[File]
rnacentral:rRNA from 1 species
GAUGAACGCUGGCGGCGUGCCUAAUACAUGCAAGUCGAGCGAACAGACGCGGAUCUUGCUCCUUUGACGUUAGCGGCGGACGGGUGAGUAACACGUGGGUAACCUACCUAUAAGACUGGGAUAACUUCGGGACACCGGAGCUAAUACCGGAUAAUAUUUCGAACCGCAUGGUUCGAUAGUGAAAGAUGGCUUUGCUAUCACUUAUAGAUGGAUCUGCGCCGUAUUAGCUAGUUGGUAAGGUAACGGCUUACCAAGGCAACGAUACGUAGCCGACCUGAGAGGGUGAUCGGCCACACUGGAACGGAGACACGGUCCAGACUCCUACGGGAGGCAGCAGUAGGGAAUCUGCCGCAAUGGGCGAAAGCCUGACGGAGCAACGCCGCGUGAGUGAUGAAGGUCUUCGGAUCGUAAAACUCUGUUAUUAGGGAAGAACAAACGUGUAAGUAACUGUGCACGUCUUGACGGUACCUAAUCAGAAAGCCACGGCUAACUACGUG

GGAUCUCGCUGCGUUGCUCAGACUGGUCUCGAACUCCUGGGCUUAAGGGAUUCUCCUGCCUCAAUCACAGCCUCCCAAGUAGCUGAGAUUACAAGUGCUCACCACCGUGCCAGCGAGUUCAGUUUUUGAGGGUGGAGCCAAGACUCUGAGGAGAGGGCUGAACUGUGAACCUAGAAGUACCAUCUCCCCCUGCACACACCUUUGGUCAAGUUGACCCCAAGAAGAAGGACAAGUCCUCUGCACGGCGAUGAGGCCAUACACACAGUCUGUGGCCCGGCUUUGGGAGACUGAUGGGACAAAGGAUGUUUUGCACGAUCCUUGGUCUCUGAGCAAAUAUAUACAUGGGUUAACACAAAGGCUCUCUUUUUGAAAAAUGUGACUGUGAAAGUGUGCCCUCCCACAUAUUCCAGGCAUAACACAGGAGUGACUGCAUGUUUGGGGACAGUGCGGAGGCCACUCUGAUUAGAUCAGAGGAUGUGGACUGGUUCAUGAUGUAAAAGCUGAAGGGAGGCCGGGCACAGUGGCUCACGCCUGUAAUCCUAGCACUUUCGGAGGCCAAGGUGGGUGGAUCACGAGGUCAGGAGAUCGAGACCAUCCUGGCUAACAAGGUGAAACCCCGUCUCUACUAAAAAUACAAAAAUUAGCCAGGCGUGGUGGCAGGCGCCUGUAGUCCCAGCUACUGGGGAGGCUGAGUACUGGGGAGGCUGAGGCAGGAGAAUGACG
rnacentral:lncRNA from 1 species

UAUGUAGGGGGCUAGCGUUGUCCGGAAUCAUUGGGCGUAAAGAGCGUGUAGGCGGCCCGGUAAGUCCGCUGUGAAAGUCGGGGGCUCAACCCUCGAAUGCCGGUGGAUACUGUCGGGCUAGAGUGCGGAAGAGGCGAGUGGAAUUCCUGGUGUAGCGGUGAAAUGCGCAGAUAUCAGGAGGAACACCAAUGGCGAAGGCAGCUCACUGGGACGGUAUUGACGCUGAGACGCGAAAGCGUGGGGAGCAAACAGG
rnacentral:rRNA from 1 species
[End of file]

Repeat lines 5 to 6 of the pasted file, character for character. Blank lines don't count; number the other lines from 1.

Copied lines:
UAUGUAGGGGGCUAGCGUUGUCCGGAAUCAUUGGGCGUAAAGAGCGUGUAGGCGGCCCGGUAAGUCCGCUGUGAAAGUCGGGGGCUCAACCCUCGAAUGCCGGUGGAUACUGUCGGGCUAGAGUGCGGAAGAGGCGAGUGGAAUUCCUGGUGUAGCGGUGAAAUGCGCAGAUAUCAGGAGGAACACCAAUGGCGAAGGCAGCUCACUGGGACGGUAUUGACGCUGAGACGCGAAAGCGUGGGGAGCAAACAGG
rnacentral:rRNA from 1 species